This week we celebrated World Book Day and it got us thinking about what books we would we pack for our Matson Ground holiday.
With literally millions of books to choose from, this would need some serious thinking. To make it a little easier, we decided to focus our search close to the Lake District. After all, it’s well-known for its wonderful literary heritage, boasting writing talent such as William Wordsworth, Beatrix Potter and Arthur Ransome.
But we’re not necessarily after poetry or children’s books. We’re looking for gripping page-turners. Something you can really lose yourself in.
Our final list features a number of excellent books. What’s more, each one is set in the Lake District and based on the reviews, they’re on our list.
The Grave Tattoo by Val McDermid
It’s summer in the Lake District, and heavy rains have uncovered a tattooed body. Could it be linked to rumours that Fletcher Christian, mutinous first mate on the Bounty, did secretly return to England, where he was sheltered by Lakeland poet, William Wordsworth?
Local Wordsworth specialist, Jane Gresham, wants to find out. But as she follows each lead, death is hard on her heels. Jane soon finds herself at the heart of a 200-year-old mystery that still puts lives at risk.
Haweswater by Sarah Hall
Haweswater tells the tale of a centuries-old community that has survived into the 1930s largely unchanged, until Jack Liggett arrives from the city.
Liggett is a spokesperson for a Manchester waterworks company which has designs on a vast new reservoir. The valley in which the community has stood for hundreds of years will be evacuated, flooded, devastated.
This is a story of love, obsession and the destruction of a community.
Also by Sarah Hall, The Wolf Border.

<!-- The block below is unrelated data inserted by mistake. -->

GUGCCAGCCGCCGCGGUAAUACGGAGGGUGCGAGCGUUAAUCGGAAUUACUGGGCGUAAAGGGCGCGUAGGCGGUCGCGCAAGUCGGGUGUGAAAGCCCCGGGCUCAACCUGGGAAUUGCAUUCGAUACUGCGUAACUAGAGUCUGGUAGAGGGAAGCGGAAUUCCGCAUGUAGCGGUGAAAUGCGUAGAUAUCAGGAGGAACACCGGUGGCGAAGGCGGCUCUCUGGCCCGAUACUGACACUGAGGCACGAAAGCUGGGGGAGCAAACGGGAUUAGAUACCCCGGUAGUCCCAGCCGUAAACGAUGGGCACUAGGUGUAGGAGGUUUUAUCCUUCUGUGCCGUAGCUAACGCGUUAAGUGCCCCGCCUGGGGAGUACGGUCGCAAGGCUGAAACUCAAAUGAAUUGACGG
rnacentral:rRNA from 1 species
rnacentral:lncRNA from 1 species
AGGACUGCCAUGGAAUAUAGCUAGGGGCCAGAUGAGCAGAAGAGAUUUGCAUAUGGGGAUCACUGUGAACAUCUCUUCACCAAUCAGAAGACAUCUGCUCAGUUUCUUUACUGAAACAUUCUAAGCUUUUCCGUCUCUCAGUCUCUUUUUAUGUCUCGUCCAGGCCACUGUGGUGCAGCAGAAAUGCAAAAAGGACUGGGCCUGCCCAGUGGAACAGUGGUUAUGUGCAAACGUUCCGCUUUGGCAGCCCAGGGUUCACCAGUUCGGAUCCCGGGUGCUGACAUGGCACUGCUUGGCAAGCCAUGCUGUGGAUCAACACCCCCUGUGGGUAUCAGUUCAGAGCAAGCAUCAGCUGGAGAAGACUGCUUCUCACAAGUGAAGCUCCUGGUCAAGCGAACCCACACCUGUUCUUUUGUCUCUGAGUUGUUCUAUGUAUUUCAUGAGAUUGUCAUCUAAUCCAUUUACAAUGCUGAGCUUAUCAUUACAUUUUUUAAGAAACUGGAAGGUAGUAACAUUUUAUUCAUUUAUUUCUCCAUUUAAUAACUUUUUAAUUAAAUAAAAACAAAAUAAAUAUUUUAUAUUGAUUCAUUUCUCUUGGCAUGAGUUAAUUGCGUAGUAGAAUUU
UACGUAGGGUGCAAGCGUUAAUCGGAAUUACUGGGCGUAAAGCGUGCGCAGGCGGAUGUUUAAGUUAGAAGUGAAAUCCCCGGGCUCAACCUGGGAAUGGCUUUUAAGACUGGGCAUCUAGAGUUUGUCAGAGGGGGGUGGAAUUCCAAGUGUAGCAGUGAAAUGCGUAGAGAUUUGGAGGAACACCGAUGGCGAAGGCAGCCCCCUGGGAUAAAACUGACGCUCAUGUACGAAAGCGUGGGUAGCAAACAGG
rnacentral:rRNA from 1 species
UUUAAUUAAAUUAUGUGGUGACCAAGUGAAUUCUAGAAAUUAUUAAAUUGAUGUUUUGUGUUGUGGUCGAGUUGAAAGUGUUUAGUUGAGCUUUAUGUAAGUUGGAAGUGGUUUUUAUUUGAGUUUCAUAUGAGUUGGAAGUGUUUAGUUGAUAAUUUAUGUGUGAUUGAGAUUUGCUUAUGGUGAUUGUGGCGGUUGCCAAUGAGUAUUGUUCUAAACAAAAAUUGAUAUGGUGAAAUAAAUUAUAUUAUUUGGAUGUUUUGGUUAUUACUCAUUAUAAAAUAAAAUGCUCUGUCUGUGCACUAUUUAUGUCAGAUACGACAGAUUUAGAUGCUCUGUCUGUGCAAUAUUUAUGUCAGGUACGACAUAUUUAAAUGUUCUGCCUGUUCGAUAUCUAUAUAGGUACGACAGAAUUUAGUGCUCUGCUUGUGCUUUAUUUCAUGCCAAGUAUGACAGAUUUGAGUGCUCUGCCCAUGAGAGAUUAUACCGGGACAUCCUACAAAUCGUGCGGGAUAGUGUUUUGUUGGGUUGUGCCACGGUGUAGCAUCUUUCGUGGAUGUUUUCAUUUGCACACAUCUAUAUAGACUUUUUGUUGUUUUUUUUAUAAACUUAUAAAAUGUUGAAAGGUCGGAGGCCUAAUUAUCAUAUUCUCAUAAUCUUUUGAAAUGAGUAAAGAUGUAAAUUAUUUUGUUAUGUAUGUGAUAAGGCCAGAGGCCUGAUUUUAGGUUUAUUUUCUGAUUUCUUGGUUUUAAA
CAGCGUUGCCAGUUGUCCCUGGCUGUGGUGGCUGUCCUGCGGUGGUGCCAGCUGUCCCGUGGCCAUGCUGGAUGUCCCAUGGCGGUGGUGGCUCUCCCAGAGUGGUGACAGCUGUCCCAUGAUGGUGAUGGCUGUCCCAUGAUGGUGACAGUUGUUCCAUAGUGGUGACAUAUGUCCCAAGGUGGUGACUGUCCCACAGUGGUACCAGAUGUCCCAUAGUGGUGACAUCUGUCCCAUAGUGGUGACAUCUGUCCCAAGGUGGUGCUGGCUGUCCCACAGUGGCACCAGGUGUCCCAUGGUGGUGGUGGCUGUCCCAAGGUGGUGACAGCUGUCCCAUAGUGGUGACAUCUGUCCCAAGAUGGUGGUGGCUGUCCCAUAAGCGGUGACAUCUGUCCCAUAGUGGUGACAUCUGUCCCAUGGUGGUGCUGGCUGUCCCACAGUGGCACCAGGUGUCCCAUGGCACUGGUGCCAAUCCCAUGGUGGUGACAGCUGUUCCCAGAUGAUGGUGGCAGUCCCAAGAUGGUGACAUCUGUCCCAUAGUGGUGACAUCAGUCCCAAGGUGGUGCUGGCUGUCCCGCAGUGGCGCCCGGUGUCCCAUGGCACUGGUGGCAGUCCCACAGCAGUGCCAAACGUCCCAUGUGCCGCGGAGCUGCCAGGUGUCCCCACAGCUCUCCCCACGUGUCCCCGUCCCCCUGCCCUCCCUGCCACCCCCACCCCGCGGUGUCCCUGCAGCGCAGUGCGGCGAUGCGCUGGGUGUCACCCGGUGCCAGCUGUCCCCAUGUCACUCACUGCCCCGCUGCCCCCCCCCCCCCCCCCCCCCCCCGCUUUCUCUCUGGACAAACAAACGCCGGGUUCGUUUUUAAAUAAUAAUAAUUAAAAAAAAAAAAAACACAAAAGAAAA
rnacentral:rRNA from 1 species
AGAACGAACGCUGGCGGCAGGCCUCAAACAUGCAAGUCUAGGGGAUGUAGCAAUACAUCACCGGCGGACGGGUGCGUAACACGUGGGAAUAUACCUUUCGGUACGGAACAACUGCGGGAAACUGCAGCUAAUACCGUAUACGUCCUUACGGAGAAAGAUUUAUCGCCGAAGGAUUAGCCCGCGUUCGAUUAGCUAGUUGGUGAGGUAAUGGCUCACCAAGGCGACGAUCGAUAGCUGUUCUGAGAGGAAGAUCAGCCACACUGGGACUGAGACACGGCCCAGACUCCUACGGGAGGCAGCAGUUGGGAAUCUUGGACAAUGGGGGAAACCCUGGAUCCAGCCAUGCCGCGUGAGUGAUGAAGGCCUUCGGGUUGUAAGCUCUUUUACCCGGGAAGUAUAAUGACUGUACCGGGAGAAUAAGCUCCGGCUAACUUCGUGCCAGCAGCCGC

The Windermere Witness by Rebecca Tope
Florist Persimmon ‘Simmy’ Brown has moved to the Lake District following a personal tragedy, content to lose herself in her work. But the peace is short-lived when, at the wedding of a millionaire’s daughter, the bride’s brother is found dead in the lake.
As the wedding florist, and one of the last people to speak to Mark Baxter alive, Simmy becomes embroiled in the relatives’ grief and anger.
When events take another sinister turn, Simmy finds herself at the very heart of a murder investigation.
Also by Rebecca Tope, The Ambleside Alibi and The Coniston Case.
The Woman from Browhead by Audrey Howard
If the psychological / crime genre isn’t your thing, how about a bit of historical romance? Set in the late 1840s and early 1850s, The Woman from Browhead tells the story of Annie Abbott, daughter and only child of a poverty-stricken Lake District farmer, who ran away with a theatre group at the age of fifteen.
Hearing that her parents have died, she returns to lay claim to the farm. But with an illegitimate child in tow, virtually no-one will speak to her, with the exception of a local landowner. But he is engaged to marry another woman.
Also by Audrey Howard, Annie’
All Quiet on the Orient Express by Magnus Mills
This is one we haven’t read yet but will be doing so very soon. By all accounts it’s hard to pigeon-hole in terms of genre; possibly a ‘tragi-comedy’. It’s been described as weird, funny, quirky. Perhaps it’s this ‘hard to define’ element which makes it all the more appealing.
As for the plot itself, it’s the end of the Summer in the Lake District, the sun is lower in the sky and the tourists have gone home. Our unnamed narrator decides to spend a few weeks in the Lake District, enjoying the quiet, before embarking on a motorcycle trip to India.
The book description reads: “But then the owner of the campsite asks him to paint a fence and he innocently obliges. Soon other odd jobs pile up until little by little he becomes ensnared in the ominous ‘out-of-season’.
We hope this list provides a little inspiration for you when it comes to books for a Matson Ground holiday. If you fancy buying something while you’re staying in the Lakes, why not pop into Fred’s Bookshop where you will find a diverse range of books.